Perhaps second-round rookie Mike Gesicki will become the elite pass-catching tight end the Dolphins have been craving.
But this is going to take time, apparently.
Through one quarter of the season, Gesicki has five receptions for 51 yards.
“We’re four games in; people outside this building don’t understand you’ve got to be patient with it,” Gesicki said. “Everyone wants it right now. Everyone thinks this happens overnight but that’s not how it is. This is the NFL. It’s the defense’s job to make plays too. I’m going to continue to be patient.”
What’s notable is that he has only seven targets, even though he’s now starting at tight end amid injuries to others.
But there are two caveats. For starters, the Dolphins have had unusually low snap counts.
And offensive coordinator Dowell Loggains revealed Thursday that “multiple” plays for Gesicki have been called but the ball ultimately never went to him because of looks they’ve had in defensive coverages.
Miami has tried to isolate Gesicki on the boundary at times but the Dolphins haven’t had many one-on-one opportunities in that formation and “so the ball has gone other places,” Loggains said.
The Jets double-teamed him at times. Last week, he was blanketed by Patriots safety Patrick Chung.
“He’s a veteran guy, really good player,” Gesicki said. “He obviously had his wins. I had a couple as well. I need to continue to beat man coverage and continue to get better and continue to work on releases.”
How successful has Gesicki been in creating separation from defenders in pass patterns? “He’s done what we’ve asked him at this point,” Loggains said.
Gesicki said he has been jammed some at the line of scrimmage. How has he done beating jams?
“I’m getting some good releases and I’m getting some ones I need to work on,” he said. “It’s only going to continue to improve.”
Gesicki has fewer receptions than several other rookie tight ends, including Philadelphia’s Dallas Goedert and Baltimore’s Mark Andrews, who have 10 receptions apiece.
“I am not really concerned with getting the ball right now,” he said. “Whenever the play is called, alignment, assignment, communication, technique is all I’m focused on.”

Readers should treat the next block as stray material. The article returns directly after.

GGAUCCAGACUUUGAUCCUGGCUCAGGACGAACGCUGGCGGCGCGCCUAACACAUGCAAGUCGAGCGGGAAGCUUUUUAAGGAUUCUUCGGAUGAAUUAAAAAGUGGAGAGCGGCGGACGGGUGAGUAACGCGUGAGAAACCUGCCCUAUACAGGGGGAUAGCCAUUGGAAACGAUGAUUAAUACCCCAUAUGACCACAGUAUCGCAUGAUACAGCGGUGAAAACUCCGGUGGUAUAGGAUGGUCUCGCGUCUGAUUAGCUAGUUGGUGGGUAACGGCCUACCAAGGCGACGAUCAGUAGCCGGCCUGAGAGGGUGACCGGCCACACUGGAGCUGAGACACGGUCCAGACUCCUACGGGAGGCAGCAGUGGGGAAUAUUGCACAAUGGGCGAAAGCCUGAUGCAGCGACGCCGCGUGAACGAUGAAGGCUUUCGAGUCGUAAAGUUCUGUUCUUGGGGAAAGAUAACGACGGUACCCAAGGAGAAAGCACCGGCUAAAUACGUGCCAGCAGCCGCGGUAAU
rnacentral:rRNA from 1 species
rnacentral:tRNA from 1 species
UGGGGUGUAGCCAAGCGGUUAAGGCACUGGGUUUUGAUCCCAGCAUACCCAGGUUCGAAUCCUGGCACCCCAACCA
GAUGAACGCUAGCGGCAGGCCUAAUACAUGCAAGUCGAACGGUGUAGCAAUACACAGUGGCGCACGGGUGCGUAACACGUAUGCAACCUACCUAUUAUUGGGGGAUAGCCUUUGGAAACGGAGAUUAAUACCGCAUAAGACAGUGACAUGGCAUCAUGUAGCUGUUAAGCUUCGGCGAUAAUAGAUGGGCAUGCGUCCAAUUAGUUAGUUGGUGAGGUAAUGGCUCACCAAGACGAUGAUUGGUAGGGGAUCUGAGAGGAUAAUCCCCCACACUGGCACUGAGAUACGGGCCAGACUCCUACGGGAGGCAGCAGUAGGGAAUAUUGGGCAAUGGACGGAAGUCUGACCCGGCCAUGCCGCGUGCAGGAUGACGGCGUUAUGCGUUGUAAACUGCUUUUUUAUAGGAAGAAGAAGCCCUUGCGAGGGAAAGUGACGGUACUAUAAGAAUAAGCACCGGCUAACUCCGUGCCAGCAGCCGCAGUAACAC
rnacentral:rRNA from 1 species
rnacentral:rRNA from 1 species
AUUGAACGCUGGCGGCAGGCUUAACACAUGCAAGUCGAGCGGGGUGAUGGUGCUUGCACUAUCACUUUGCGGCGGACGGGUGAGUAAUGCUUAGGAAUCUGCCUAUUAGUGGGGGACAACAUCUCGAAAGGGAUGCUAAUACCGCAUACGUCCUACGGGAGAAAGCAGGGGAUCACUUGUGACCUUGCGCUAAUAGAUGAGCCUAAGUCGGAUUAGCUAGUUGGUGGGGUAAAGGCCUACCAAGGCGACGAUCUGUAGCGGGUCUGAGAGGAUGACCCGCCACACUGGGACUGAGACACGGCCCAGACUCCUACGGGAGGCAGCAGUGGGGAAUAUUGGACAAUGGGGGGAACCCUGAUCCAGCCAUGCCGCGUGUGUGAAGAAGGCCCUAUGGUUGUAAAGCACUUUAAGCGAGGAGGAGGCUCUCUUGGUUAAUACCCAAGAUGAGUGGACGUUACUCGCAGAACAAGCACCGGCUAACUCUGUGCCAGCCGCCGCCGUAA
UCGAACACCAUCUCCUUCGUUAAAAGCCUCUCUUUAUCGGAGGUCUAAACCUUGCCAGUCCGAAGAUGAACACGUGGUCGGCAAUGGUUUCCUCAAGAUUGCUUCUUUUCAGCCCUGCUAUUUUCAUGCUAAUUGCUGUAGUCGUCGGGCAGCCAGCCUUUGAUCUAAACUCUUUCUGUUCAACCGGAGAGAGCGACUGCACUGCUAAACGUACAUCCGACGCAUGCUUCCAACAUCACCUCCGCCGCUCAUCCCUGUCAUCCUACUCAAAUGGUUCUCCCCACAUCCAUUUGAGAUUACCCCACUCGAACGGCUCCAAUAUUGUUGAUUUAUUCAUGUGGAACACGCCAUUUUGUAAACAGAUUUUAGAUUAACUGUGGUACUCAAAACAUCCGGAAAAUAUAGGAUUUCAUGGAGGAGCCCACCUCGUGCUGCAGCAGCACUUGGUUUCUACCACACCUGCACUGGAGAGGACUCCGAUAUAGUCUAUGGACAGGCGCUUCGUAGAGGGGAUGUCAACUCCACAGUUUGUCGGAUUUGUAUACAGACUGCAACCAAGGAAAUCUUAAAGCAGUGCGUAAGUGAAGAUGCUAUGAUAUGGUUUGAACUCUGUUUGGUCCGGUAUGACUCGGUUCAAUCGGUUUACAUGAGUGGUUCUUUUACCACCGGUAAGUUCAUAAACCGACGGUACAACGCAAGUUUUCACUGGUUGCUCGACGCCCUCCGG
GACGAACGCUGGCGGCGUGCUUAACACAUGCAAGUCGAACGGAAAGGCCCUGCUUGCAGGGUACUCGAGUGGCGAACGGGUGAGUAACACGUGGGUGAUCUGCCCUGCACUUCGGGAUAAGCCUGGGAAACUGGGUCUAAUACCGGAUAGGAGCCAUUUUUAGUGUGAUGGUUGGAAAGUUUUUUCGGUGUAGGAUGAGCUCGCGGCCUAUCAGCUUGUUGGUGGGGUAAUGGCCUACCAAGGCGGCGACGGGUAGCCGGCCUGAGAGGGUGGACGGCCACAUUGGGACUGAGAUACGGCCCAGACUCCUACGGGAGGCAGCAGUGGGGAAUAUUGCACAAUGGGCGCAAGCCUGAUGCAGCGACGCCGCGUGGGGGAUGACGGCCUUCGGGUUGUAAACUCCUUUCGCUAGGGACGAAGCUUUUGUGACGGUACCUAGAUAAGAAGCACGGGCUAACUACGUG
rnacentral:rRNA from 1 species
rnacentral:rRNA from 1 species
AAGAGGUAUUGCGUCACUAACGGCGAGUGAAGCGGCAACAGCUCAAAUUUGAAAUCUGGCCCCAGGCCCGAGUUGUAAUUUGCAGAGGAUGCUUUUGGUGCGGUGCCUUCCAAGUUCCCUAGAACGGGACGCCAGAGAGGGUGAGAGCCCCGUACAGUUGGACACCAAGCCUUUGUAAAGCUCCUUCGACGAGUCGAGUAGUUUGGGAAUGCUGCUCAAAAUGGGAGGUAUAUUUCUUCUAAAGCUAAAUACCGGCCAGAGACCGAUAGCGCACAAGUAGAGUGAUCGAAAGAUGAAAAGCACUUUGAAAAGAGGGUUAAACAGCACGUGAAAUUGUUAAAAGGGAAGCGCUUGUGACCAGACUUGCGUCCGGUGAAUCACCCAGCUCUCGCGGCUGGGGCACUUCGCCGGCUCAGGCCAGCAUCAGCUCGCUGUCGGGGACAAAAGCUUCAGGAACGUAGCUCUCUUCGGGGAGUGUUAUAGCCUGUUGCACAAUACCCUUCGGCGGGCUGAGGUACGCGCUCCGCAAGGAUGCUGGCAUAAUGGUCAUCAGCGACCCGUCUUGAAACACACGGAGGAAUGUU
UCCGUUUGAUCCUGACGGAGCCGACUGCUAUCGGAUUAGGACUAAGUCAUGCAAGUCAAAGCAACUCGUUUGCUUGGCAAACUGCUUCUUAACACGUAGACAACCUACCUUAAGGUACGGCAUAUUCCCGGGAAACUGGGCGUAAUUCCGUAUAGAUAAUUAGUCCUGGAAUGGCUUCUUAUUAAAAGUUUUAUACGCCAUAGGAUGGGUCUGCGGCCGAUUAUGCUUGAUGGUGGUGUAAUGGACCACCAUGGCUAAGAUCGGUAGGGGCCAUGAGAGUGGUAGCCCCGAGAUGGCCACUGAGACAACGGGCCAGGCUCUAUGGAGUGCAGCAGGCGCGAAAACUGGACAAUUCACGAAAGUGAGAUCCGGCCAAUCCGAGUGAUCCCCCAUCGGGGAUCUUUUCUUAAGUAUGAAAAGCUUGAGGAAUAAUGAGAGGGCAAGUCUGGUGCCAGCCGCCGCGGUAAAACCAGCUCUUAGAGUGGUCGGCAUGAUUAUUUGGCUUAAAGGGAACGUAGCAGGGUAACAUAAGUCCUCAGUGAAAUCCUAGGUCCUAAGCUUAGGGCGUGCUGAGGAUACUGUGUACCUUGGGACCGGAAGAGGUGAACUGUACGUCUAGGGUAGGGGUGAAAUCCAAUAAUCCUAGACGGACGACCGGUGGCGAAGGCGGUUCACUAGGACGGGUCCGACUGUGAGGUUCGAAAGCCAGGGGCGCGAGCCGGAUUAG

As a blocker, the Dolphins knew he needed to improve considerably when they drafted him out of Penn State. Pro Football Focus rates Gesicki 81st among tight ends in run blocking and 84th in pass blocking, both near the bottom of the league.
THIS AND THAT
Defensive end Cam Wake missed practice for the second day in a row with a knee injury, and coach Adam Gase was non-committal about his status for Sunday’s game in Cincinnati.
“We’re taking it day to day,” Gase said. “We just want to make sure that he’s right. I know he gave us everything he had last Sunday. It wasn’t easy for him. We’ll go through the week and see where we end up. He takes probably more reps than what we want [in practice], but that’s him. I think finally getting him to kind of sit down here the last couple of days was good.”
Meanwhile, defensive end Andre Branch practiced for the first time since sustaining a knee injury in the third game against Oakland, although he was limited. “He’s ahead of schedule,” Gase said.
▪ Receiver DeVante Parker was limited Thursday with a quadriceps injury that sidelined him against New England, and Gase said: “Sometimes he feels really good and sometimes it’s not as good as he wants. When running is your entire profession and you’ve got any kind of soft tissue [injury], it’s not that easy to deal with.” He’s iffy for Sunday.
▪ Burke, who has the option of having cornerback Xavien Howard shadow Pro Bowl receiver A.J. Green on Sunday, said Howard wants to shadow the top receiver “every game, every play. And even if you do it, he gets mad if you give him help. Like literally, he’s like, ‘leave me alone.’ So he lobbies all the time for it, which I love. Now, that’s not always the best strategy, so he doesn’t always get what he wants.”
▪ Rookie Jerome Baker’s snaps have risen dramatically the past two weeks; he played 65 of 81 against New England.
Burke said the advantages create by Baker’s speed offset any issues created by his lack of girth. “We like Baker’s speed,” Burke said, noting that the 225-pound linebacker’s playing time rose partly because the Dolphins faced skilled pass-catching backs the past two weeks and “we like that matchup in the passing game.”